All this sabre-rattling, especially by Washington, is of course only partly to do with Iran getting its hands on nuclear arms. Two other factors are key to what's happening in the Persian Gulf right now. Think US presidential election and the fact 40% of the world's oil supply is transported through the Strait of Hormuz and you'll see what I'm getting at.

Now is no better a time for Mr Obama to show America's powerful pro-Israel lobby he's on side when it comes to tackling the Iranian "threat".

On the other hand, now is not a time, given Western economic woes, when the US is prepared to stand back and have Tehran call the shots on who turns the oil supply tap on and off.

Whether Iran really wants a fight is another matter too. Any conflict would only serve to block the oil exports and revenues that are its own economic lifeline, while the country's leaders President Ahmadinejad and Ayatollah Ali Khamenei have internal political problems of their own.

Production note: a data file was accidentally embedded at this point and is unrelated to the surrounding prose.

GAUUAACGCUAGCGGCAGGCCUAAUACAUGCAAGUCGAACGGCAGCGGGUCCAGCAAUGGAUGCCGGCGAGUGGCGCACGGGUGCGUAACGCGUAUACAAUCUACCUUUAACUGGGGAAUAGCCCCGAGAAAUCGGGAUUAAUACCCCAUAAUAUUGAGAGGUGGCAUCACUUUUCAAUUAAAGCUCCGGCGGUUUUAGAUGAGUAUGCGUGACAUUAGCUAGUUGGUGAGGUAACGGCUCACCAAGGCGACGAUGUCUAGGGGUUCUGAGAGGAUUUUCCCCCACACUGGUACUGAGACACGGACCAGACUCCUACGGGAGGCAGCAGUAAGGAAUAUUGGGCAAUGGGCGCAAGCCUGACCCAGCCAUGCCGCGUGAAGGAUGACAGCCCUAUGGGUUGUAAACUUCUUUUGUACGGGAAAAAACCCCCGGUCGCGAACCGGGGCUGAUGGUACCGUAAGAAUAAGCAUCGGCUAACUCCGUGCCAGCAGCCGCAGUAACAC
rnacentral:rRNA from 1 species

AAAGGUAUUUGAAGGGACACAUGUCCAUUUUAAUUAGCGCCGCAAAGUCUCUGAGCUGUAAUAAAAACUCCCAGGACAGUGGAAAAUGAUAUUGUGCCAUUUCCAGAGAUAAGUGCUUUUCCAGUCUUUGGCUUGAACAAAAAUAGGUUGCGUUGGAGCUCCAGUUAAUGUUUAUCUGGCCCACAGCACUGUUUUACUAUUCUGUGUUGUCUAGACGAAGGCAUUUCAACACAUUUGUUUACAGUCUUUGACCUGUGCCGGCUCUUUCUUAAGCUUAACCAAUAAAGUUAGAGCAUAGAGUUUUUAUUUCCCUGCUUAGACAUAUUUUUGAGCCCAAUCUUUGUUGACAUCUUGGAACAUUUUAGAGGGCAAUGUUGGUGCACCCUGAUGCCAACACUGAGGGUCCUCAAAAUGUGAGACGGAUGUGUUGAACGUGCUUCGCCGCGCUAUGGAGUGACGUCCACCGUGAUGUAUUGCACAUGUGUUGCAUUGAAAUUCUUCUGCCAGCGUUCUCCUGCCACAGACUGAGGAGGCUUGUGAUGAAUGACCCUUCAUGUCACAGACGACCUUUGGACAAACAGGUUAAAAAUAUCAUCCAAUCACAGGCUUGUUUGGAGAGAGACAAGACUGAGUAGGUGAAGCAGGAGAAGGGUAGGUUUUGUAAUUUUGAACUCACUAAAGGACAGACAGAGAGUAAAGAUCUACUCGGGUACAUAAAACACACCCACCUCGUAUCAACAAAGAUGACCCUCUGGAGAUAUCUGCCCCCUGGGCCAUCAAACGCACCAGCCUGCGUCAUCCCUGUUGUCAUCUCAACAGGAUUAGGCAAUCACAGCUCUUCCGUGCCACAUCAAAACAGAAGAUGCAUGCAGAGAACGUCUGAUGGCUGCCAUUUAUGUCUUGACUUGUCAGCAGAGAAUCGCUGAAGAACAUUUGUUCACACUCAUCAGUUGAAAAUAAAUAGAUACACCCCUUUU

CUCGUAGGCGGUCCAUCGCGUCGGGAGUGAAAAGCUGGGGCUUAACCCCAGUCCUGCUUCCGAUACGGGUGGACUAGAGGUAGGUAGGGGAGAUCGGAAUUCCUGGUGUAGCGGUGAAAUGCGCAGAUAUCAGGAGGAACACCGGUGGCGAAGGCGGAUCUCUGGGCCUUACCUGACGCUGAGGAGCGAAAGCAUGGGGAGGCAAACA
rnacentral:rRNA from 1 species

Yes, Iran has been stubborn over international efforts to bring it to heel over its nuclear programme but historically – even under Mr Ahmadinejad – it has nevertheless shown itself willing to negotiate in the deepest of crises. Some analysts suggest this is still the case and, despite the bellicose rhetoric, the regime is open to talks. Not that you would think so listening to some of the more hawkish political elements in Washington and Jerusalem.

Interestingly enough on this occasion, it has been senior figures within the US and Israeli military-intelligence establishment that have been among the most vociferous in urging caution over plans to attack Iran.